Accurate and timely communication is ‘table-stakes’ when it comes to accelerating new product development. Almost every failed project has traces of poor communication. The process manager becomes the bridge between gatekeepers and teams and often between the various functions themselves until a truly common language of understanding is achieved within the organization. The process manager ‘raises the bar’ through their process requirements (e.g. requiring project plans, scorecards and records of decisions), their actions (e.g. through questioning techniques when facilitating gates and by using frameworks and tools to guide integrated team discussions) as well as the actions of the senior executives within the company (e.g. scheduling executives to speak about NPD at meetings, asking one gatekeeper to repeat all decisions back to the team during a gate meeting).
As Robert Cooper so often charges ‘No process ever implemented itself’. The Process Manager is one of the most important roles for ensuring a successful implementation of critical NPD processes. If you have a Process Manager role defined today, re-examine their role to ensure they are fully utilized. If you don’t have a Process Manager role defined today, consider your new product performance and whether such a role could help your organization improve.
About Stage-Gate International
Stage-Gate International’s highly knowledgeable and experienced team of advisors have guided hundreds of organizations to successfully implement a best-practice Stage-Gate Idea-to-Launch process in as little as 4-8 weeks. We accelerate time-to-benefit with an extremely attractive return on investment by:
- Crafting a balanced Idea-to-Launch Process Solution of expertise, advice, facilitation and best practices that fits your company’s situation, sense of urgency, and budget.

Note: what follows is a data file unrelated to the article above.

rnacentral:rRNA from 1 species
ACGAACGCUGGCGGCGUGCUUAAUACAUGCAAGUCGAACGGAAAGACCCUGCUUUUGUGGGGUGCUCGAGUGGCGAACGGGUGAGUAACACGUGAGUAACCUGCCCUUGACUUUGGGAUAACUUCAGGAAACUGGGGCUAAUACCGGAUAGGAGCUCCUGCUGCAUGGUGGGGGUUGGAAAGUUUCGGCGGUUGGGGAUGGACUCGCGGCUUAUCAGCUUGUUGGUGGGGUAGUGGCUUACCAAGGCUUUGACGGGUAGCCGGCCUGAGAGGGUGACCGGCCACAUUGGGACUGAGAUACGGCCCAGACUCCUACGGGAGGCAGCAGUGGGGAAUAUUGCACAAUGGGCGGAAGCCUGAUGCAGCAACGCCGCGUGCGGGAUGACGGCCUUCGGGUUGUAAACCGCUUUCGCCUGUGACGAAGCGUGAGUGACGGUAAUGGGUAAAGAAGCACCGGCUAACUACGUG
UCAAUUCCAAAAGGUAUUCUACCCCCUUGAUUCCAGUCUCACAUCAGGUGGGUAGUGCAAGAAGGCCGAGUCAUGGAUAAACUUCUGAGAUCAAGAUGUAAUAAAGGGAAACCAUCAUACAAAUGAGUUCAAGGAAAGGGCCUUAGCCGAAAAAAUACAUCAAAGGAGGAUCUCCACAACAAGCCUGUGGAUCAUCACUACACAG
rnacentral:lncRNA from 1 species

- Collaborating with you so that your Idea-to-Launch process is implemented rapidly and your organization is equipped to ‘own’ and manage the process as quickly as possible.
- Leveraging our market-leading accelerators, Benchmarker™ and SG Navigator™, to not only deliver all of the foundational elements straightaway, and ‘clear the path’ for rapid achievement of a best-practice Idea-to-Launch process.
Michelle Jones is the Executive Vice President and Chief R&D Officer of Stage-Gate® International (SGI) and is a speaker, author and consultant on the topic of product innovation. She leads the commercialization of some of the world’s best practice research on product innovation into products and services for companies striving to achieve innovation excellence. Her portfolio includes strategic partnerships, product management and marketing and R&D.
Michelle has worked with an impressive portfolio of companies and has over 20 years of experience across several industries including Aerospace, Automotive, Chemical, Consumer Packaged Goods, Defense, Electronics, Energy, Food, Financial, Medical and Pharmaceutical. She has led numerous large-scale and complex engagements for product innovation programs, spanning from Discovery and Stage-Gate Models to Strategic Portfolio Management, to success.